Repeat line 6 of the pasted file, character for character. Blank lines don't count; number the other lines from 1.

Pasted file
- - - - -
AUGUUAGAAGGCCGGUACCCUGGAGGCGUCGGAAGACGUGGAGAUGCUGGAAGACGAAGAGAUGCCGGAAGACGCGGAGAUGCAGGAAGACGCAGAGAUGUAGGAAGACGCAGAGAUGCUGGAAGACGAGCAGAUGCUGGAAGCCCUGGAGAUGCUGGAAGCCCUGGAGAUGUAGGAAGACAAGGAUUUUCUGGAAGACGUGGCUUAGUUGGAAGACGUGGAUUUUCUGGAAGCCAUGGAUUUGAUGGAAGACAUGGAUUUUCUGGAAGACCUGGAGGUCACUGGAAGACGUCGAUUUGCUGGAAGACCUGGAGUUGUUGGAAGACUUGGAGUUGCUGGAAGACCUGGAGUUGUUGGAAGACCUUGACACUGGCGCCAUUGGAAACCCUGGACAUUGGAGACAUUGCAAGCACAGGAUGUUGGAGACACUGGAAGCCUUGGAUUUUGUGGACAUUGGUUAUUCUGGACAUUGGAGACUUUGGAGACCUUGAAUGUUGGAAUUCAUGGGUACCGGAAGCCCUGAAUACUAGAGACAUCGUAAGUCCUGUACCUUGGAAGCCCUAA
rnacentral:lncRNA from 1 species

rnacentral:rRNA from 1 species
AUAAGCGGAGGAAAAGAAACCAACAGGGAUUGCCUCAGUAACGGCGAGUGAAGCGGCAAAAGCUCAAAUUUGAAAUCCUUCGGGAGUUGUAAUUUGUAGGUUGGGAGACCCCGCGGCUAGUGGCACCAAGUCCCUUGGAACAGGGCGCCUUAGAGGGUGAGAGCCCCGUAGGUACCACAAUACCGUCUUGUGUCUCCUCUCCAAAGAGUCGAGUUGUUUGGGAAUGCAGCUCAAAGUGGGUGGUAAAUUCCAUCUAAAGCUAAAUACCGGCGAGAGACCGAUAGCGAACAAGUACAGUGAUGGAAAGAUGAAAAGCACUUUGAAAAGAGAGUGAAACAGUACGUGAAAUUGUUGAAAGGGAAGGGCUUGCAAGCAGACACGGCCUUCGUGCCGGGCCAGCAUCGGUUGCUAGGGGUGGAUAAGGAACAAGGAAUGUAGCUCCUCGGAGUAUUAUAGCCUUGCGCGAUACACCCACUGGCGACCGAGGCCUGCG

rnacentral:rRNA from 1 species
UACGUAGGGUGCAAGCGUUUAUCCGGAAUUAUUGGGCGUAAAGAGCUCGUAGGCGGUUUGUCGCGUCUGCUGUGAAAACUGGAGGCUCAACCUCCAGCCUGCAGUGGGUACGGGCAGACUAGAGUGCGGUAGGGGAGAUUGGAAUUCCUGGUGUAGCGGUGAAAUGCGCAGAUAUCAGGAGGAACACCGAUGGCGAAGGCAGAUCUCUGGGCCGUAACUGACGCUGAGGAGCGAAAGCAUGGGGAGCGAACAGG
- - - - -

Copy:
UACGUAGGGUGCAAGCGUUUAUCCGGAAUUAUUGGGCGUAAAGAGCUCGUAGGCGGUUUGUCGCGUCUGCUGUGAAAACUGGAGGCUCAACCUCCAGCCUGCAGUGGGUACGGGCAGACUAGAGUGCGGUAGGGGAGAUUGGAAUUCCUGGUGUAGCGGUGAAAUGCGCAGAUAUCAGGAGGAACACCGAUGGCGAAGGCAGAUCUCUGGGCCGUAACUGACGCUGAGGAGCGAAAGCAUGGGGAGCGAACAGG